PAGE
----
Jump to content


Photo

"Modern" Design Thread


  • Please log in to reply
371 replies to this topic

#1 lindapoirier

lindapoirier

    De Stijl

  • Members
  • PipPipPipPipPip
  • 14,515 posts

Posted 13 April 2011 - 02:52 PM

I have been in love with mid-century design, I think, my whole life. I can't say exactly where it started but I figure it was my oldest sister. Her husband had space helmet 8-track player on the top of the kitchen fridge. I searched for years for one and finally got one in university at a "trendy" shop in montreal.

Design and the many incarnations of "Modern" are, imo, a bit of a misnomer because I think that the peak of "Modern" was somewhere in the 1960s. I think modern design tries to innovate but I really don't think it has gotten better since that decade. It all started with the idea of making great design affordable to the masses, at least here in North America that was the idea.

Modern Design has filtered into just about every aspect of our lives and we may not even know it. I collect 50s and 60s and I see so many knock-offs in today's market but I wanted to start a thread about design and in particular, MODERN. So, let's talk about it. Let's share ideas and pictures!

I wanted to demonstrate to you the breadth of it's reach through these simple totes/handbags. I didn't even realize that I had a small collection of them until last week. I must have been using these over the years and finding them here and there. I don't know too much about them. I believe that they are from the 60s, possibly the 70s but I think you can't get a better example of the idea of designing a "modern" look for the masses that is useful and cheap to produce. They are some kind of malleable plastic, very close to rubber in texture. Ha! They may even be rubber. I have this idea that they were made for the beach. A handbag that could be cleaned easily yet able to carry your towel and supplies.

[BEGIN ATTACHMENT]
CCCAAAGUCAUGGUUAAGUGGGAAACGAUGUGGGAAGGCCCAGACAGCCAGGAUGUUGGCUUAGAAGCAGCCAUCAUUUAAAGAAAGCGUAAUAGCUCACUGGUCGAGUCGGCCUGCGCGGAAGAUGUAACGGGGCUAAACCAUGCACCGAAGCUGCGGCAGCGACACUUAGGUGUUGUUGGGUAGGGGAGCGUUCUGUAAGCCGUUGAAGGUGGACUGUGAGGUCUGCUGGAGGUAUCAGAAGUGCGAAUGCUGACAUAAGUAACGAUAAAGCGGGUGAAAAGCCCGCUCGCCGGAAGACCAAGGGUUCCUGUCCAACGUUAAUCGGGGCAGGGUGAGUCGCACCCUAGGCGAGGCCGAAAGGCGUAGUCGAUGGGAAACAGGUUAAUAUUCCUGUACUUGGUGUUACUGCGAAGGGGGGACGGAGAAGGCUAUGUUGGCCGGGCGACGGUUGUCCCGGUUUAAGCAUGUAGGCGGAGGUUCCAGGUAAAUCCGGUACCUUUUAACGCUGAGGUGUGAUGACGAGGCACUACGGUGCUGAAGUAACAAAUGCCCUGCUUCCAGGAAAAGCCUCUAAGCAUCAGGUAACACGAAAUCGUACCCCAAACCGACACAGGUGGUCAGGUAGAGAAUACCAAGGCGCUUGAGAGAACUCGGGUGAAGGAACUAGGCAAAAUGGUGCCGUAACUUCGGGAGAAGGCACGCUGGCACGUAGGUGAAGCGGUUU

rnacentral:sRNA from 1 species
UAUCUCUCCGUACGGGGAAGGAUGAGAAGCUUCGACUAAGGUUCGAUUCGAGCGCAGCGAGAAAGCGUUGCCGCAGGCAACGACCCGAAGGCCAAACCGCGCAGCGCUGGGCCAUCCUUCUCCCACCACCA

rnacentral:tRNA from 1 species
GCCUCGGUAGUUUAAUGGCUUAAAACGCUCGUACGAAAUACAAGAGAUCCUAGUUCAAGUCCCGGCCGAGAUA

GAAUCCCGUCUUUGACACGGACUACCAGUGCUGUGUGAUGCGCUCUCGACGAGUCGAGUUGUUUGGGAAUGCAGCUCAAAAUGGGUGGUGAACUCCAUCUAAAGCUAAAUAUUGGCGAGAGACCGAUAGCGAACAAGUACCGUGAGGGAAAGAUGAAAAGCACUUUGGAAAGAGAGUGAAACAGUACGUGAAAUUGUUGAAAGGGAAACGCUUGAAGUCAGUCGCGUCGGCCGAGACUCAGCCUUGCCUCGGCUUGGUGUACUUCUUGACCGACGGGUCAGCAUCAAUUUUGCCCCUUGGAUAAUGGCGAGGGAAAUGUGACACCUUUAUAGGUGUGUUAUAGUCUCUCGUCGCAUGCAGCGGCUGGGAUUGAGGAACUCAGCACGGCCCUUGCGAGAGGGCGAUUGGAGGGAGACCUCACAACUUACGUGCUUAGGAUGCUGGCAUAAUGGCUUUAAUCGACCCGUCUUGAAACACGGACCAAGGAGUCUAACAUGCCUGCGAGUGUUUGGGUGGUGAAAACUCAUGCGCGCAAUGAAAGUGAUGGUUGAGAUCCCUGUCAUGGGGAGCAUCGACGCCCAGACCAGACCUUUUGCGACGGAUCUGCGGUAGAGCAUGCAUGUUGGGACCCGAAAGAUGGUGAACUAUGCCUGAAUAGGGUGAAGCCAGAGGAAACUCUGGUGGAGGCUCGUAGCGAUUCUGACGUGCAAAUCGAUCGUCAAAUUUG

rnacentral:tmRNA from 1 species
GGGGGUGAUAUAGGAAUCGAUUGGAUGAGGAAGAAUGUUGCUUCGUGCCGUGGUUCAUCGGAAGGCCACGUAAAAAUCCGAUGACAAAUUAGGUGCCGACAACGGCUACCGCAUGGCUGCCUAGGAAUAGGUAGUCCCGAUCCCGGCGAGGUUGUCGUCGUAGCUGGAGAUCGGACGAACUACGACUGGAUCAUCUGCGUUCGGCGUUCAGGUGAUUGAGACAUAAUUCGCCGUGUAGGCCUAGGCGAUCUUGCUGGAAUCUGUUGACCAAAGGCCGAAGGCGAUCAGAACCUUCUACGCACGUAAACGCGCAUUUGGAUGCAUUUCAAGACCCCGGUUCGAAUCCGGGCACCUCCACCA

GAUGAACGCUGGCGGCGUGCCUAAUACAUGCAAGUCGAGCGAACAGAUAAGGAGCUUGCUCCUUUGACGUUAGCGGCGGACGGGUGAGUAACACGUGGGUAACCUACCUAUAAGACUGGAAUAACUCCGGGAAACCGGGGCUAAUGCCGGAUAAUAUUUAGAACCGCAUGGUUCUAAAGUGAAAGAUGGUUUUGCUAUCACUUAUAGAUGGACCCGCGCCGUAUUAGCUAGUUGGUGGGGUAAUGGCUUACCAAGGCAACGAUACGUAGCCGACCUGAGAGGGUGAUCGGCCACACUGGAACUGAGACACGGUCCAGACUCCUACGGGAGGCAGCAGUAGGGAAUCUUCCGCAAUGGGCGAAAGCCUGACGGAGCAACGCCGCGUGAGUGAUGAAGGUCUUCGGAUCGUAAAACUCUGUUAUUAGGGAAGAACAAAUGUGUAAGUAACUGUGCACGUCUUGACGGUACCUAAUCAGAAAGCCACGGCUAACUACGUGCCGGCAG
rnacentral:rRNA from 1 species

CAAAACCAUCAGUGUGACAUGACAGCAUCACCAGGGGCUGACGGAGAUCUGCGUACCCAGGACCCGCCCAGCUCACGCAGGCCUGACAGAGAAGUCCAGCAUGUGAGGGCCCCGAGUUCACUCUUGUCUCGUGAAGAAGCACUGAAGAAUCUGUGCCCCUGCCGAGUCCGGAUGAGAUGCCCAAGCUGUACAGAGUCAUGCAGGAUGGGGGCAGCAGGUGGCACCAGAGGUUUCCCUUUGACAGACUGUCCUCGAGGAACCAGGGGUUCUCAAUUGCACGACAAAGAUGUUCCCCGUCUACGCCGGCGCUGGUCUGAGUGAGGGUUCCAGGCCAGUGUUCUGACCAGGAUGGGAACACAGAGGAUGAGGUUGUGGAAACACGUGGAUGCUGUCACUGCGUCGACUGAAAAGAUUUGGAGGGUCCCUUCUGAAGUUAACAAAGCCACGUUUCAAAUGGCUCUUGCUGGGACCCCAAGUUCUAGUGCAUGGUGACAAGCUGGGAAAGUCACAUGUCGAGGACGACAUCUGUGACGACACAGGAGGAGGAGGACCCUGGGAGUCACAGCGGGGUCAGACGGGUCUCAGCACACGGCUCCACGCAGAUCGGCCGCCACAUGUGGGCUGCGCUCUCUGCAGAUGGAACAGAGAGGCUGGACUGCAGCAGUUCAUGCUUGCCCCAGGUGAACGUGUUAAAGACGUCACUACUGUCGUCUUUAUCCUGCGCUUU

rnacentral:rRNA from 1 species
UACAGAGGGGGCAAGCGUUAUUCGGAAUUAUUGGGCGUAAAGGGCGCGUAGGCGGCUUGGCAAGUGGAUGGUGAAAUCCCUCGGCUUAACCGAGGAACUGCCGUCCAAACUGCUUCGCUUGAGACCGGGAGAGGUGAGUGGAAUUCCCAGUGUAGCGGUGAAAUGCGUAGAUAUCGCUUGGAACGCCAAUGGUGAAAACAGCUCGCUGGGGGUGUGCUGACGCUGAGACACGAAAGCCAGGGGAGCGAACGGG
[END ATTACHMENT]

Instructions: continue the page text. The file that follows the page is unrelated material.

Posted Image

Posted Image

Posted Image

I have a yellow one too.

So, how do you feel about design in your life? Do you actively search it out to be part of your living space? Are you aware of how design and function are interrelated? Do you care?

Edited by lindapoirier, 13 April 2011 - 02:54 PM.


#2 billdore

billdore

    White Blood Cells

  • Members
  • PipPipPipPip
  • 6,298 posts

Posted 13 April 2011 - 03:51 PM

The first two look a bit like shuttlecocks. Just happy I had an occasion write that sentence, really.

Edited by billdore, 13 April 2011 - 03:51 PM.


#3 Maschine Man

Maschine Man

    De Stijl

  • Members
  • PipPipPipPipPip
  • 11,161 posts

Posted 13 April 2011 - 04:06 PM

So, how do you feel about design in your life? Do you actively search it out to be part of your living space? Are you aware of how design and function are interrelated? Do you care?

:wub:

Droog:

Posted Image

Memphis Group:

Posted Image


I bought a design book, it's beautiful. It was 100 bucks, but the store I bought it from is having clearance sales and I'm afraid to see it there for 60. It's very think and contain a great general overview of Design from William Morris to Jonathan Ive.

#4 thee radical eclectic

thee radical eclectic

    White Blood Cells

  • Banned
  • PipPipPipPip
  • 8,754 posts

Posted 13 April 2011 - 05:29 PM

Droog:

Posted Image


im a big repurpose fan... reclaimation design has a lot of personable notions that move me to appreciate the little things i suppose

#5 sunhouse

sunhouse

    White Blood Cells

  • Members
  • PipPipPipPip
  • 7,991 posts

Posted 13 April 2011 - 06:21 PM

^ huh?

that is one cool innovative unexpected solution to the bureau. order out of chaos and tied together in a circle. inspired. boxes thinking outside the box.

#6 thee radical eclectic

thee radical eclectic

    White Blood Cells

  • Banned
  • PipPipPipPip
  • 8,754 posts

Posted 13 April 2011 - 08:00 PM

im a big repurpose fan... reclaimation design has a lot of personable notions that move me to appreciate the little things i suppose


items made with love... crafted with genius... these things have a greater value than one purpose or one life to one person's take on process as a product/application... the person and their notions become co=creators of some fine vision nearly lost because of a broken latch or unhinged element or load bearing capacity... i am inspired to reclaim these discarded expressions of function and appreciation